Mother Earth Living

Try This: How to Make Pillow Covers from Fabric Swatches

Turn designer fabric swatches into beautiful pillow covers with this easy home decorating project.
By Susan Wasinger
May/June 2006
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With a few simple stitches, you can make a roomful of pillows that look great together. Swatch books are usually designed to showcase fabrics that mix and match or share a common theme or color scheme. Once pieced together, the fabric strips and squares result in lively, sophisticated décor.
Photo By Susan Wasinger
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Every year, upholstery fabric designers put out oodles of swatch books filled with beautiful, luxurious fabrics. At year’s end it’s in with the new, and out to the landfill with the old. Turn these doomed swatches into spirited pillow covers that give your rooms a quick, painless facelift. Ask for discontinued sample books at a store or showroom specializing in home-furnishing fabrics; they’ll be glad to see their trash turned into your treasure.

How to Make Pillow Covers from Designer Fabric Swatches

1. To make a pillow cover with quadrants of color, cut four squares of complementary fabrics. Piece together bands of fabric or frame a vignette by piecing fabric strips around the sides of a larger piece.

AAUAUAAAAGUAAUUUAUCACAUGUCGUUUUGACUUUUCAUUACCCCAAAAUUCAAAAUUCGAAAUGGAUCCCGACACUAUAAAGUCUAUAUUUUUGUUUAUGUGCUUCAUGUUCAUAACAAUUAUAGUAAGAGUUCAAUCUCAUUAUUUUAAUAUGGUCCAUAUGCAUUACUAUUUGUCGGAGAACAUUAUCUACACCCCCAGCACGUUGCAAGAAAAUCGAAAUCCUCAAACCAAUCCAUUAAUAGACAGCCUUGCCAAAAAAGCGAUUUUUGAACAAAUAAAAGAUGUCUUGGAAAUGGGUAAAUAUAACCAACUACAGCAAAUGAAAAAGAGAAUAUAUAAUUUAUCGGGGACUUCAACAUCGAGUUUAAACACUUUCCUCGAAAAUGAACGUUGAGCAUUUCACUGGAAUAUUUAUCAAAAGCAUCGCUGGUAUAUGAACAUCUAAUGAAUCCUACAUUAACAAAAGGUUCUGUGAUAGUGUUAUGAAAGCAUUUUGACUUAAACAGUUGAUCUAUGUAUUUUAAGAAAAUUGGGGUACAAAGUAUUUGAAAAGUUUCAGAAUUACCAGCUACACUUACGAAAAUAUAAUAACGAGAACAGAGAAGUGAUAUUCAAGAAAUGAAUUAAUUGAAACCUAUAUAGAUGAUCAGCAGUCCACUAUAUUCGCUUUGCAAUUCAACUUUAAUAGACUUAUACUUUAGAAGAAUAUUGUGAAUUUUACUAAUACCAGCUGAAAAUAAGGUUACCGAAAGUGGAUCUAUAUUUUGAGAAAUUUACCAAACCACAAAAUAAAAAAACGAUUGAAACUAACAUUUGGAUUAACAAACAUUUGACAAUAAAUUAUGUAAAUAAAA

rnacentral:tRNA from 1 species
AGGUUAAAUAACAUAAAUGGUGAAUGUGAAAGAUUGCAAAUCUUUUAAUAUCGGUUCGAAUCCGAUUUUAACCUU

2. With right sides together, first pin, then sew the pieces into a large square with a sewing machine. You can use pinking shears to finish the edges and keep them from fraying.

3. The back of the pillow consists of two overlapping pieces of fabric that will keep the pillow form securely inside without zippers or buttons. To make the back of the pillow, cut two rectangles of cloth that are the same width as your pieced front but are each about five inches longer than half the length of the pillow front. Hem the two edges that will overlap. With right sides together, pin the two back rectangles onto the front of the pillow cover as shown. Sew around all four sides of the pillow cover.

4. Trim the seams and clip the corners to make them less bulky, then turn the pillow cover right sides out and stuff it with a pillow insert or an old pillow case filled with cotton batting, torn rags, sheep’s wool, lavender buds, buckwheat hulls or packing peanuts.








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